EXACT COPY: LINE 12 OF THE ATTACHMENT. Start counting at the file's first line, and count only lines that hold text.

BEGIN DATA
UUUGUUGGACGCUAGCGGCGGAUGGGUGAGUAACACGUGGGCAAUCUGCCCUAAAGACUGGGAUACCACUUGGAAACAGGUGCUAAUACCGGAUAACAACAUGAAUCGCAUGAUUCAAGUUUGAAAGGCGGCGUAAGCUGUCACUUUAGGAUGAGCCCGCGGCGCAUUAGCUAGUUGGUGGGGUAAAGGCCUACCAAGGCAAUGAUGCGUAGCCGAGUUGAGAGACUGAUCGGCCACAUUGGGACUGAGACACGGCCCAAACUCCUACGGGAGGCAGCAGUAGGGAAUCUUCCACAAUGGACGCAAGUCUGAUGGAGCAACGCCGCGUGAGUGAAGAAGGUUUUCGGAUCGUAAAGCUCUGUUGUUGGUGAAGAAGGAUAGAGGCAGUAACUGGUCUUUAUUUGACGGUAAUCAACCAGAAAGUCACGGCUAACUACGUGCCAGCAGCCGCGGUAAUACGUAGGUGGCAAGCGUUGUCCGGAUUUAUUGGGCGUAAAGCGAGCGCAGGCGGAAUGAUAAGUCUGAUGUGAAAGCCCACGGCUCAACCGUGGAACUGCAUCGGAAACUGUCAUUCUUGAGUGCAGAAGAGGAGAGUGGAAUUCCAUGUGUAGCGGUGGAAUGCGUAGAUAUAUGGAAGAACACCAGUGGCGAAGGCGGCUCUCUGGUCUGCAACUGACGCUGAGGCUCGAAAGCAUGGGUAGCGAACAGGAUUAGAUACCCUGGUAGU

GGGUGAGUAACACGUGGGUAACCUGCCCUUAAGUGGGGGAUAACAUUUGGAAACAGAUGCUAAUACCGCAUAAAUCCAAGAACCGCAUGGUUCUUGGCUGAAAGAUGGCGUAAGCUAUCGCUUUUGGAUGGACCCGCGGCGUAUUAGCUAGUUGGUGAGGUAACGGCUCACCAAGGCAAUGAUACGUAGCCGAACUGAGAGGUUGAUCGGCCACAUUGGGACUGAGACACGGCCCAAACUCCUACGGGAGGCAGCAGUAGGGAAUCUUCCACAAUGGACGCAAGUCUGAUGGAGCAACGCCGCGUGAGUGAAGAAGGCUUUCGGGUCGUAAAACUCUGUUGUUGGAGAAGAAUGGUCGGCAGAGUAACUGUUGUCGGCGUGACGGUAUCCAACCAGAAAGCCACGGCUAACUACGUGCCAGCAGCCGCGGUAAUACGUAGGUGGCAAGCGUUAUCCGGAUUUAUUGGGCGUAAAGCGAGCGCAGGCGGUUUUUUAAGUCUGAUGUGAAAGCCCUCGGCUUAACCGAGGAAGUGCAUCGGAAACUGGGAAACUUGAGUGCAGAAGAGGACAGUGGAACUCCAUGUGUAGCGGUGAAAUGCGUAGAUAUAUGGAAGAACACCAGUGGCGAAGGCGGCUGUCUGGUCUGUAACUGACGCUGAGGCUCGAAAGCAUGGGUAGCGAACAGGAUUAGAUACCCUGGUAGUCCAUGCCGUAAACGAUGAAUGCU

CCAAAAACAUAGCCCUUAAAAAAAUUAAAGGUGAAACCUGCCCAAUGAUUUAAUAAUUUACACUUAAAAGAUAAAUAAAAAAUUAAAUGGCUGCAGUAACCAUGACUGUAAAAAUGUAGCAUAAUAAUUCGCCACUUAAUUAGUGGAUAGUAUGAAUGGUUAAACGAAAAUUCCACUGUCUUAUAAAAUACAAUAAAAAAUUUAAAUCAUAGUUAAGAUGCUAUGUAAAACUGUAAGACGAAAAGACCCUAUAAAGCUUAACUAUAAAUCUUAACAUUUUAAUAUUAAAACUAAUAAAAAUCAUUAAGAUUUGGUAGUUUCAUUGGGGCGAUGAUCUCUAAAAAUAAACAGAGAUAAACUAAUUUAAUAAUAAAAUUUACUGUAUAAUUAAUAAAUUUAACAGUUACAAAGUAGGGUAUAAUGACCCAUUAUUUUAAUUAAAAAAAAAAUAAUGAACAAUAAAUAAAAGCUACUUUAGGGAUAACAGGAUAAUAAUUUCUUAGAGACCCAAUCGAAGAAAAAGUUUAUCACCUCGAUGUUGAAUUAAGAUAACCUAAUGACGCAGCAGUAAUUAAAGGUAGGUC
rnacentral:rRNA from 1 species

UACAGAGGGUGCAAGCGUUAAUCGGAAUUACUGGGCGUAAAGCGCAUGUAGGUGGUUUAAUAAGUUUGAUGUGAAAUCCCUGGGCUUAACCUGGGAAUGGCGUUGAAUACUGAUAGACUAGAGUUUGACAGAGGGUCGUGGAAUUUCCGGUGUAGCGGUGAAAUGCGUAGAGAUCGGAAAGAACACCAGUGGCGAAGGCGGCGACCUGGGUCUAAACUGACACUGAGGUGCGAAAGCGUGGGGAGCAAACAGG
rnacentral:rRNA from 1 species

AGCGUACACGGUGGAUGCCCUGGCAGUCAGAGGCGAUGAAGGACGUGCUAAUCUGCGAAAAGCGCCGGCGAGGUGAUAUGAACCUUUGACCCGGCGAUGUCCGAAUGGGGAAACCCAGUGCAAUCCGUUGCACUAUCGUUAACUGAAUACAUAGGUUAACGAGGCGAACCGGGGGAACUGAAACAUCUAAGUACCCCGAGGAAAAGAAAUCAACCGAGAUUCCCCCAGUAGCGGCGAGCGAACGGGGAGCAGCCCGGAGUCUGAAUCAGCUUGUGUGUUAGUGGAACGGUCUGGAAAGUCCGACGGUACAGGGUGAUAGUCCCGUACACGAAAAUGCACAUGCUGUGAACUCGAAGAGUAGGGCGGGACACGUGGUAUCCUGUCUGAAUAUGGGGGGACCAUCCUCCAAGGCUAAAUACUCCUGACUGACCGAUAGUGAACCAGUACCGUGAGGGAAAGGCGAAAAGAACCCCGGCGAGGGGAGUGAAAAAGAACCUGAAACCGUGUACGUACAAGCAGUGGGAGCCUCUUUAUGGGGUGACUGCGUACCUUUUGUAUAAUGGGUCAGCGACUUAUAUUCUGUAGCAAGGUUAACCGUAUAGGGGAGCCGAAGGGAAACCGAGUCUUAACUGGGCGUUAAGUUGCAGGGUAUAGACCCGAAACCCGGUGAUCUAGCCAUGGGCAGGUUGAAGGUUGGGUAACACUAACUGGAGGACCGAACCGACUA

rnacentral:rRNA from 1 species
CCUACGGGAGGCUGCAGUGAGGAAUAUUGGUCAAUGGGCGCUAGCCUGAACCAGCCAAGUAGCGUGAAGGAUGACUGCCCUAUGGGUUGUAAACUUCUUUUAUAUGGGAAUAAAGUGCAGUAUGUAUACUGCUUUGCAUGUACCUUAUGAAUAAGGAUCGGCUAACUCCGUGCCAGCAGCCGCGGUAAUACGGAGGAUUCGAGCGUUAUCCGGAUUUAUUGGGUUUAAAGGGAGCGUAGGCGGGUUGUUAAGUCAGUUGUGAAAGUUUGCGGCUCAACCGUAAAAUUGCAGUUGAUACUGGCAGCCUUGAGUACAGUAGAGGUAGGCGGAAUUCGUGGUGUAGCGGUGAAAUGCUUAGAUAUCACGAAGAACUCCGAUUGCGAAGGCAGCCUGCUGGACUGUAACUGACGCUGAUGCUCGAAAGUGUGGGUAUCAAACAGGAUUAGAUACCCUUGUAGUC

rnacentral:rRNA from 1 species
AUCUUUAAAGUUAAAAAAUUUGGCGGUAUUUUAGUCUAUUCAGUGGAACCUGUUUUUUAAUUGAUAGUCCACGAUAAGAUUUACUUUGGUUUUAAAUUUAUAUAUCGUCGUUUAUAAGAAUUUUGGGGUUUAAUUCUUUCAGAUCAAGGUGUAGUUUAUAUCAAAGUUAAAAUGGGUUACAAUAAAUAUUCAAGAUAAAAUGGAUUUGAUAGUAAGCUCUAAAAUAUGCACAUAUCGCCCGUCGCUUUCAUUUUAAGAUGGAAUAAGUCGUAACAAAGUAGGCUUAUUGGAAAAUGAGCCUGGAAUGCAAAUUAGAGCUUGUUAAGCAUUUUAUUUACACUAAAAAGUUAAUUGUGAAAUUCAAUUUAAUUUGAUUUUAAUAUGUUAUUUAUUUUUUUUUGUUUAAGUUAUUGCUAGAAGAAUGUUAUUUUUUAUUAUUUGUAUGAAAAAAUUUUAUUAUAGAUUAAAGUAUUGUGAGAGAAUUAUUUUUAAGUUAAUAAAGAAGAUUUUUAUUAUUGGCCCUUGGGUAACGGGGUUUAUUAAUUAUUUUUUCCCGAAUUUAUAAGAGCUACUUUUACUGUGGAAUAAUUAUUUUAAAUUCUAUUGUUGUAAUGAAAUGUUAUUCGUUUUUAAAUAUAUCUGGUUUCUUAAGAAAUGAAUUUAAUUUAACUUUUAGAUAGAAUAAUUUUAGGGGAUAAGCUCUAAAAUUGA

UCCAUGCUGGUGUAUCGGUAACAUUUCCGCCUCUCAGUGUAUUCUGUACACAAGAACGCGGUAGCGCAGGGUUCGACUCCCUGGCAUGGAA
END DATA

UCCAUGCUGGUGUAUCGGUAACAUUUCCGCCUCUCAGUGUAUUCUGUACACAAGAACGCGGUAGCGCAGGGUUCGACUCCCUGGCAUGGAA